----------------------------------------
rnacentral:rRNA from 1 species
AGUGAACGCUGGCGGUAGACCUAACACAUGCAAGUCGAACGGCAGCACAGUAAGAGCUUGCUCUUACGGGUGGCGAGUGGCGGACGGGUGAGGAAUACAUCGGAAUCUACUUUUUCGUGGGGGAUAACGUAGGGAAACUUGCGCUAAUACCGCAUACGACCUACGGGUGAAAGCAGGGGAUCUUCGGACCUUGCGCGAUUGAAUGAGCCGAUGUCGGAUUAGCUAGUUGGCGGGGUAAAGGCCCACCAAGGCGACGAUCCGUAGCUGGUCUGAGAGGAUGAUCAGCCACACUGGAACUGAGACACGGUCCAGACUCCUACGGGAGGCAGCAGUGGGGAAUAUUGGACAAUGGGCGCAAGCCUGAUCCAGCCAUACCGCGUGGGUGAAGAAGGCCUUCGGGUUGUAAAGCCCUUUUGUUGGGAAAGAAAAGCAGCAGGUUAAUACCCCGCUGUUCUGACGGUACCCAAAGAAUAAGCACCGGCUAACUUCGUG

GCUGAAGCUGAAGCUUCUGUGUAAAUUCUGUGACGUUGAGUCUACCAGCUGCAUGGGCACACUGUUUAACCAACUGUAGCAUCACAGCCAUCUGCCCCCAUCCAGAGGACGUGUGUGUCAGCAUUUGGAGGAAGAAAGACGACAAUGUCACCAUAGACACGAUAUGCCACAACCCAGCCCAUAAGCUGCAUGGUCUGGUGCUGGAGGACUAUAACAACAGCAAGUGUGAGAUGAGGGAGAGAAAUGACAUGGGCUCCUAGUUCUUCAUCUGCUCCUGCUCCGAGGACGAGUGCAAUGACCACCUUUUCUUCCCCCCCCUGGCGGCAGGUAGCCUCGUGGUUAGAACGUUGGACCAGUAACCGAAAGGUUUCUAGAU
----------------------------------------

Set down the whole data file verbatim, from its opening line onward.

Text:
rnacentral:rRNA from 1 species
AGUGAACGCUGGCGGUAGACCUAACACAUGCAAGUCGAACGGCAGCACAGUAAGAGCUUGCUCUUACGGGUGGCGAGUGGCGGACGGGUGAGGAAUACAUCGGAAUCUACUUUUUCGUGGGGGAUAACGUAGGGAAACUUGCGCUAAUACCGCAUACGACCUACGGGUGAAAGCAGGGGAUCUUCGGACCUUGCGCGAUUGAAUGAGCCGAUGUCGGAUUAGCUAGUUGGCGGGGUAAAGGCCCACCAAGGCGACGAUCCGUAGCUGGUCUGAGAGGAUGAUCAGCCACACUGGAACUGAGACACGGUCCAGACUCCUACGGGAGGCAGCAGUGGGGAAUAUUGGACAAUGGGCGCAAGCCUGAUCCAGCCAUACCGCGUGGGUGAAGAAGGCCUUCGGGUUGUAAAGCCCUUUUGUUGGGAAAGAAAAGCAGCAGGUUAAUACCCCGCUGUUCUGACGGUACCCAAAGAAUAAGCACCGGCUAACUUCGUG

GCUGAAGCUGAAGCUUCUGUGUAAAUUCUGUGACGUUGAGUCUACCAGCUGCAUGGGCACACUGUUUAACCAACUGUAGCAUCACAGCCAUCUGCCCCCAUCCAGAGGACGUGUGUGUCAGCAUUUGGAGGAAGAAAGACGACAAUGUCACCAUAGACACGAUAUGCCACAACCCAGCCCAUAAGCUGCAUGGUCUGGUGCUGGAGGACUAUAACAACAGCAAGUGUGAGAUGAGGGAGAGAAAUGACAUGGGCUCCUAGUUCUUCAUCUGCUCCUGCUCCGAGGACGAGUGCAAUGACCACCUUUUCUUCCCCCCCCUGGCGGCAGGUAGCCUCGUGGUUAGAACGUUGGACCAGUAACCGAAAGGUUUCUAGAU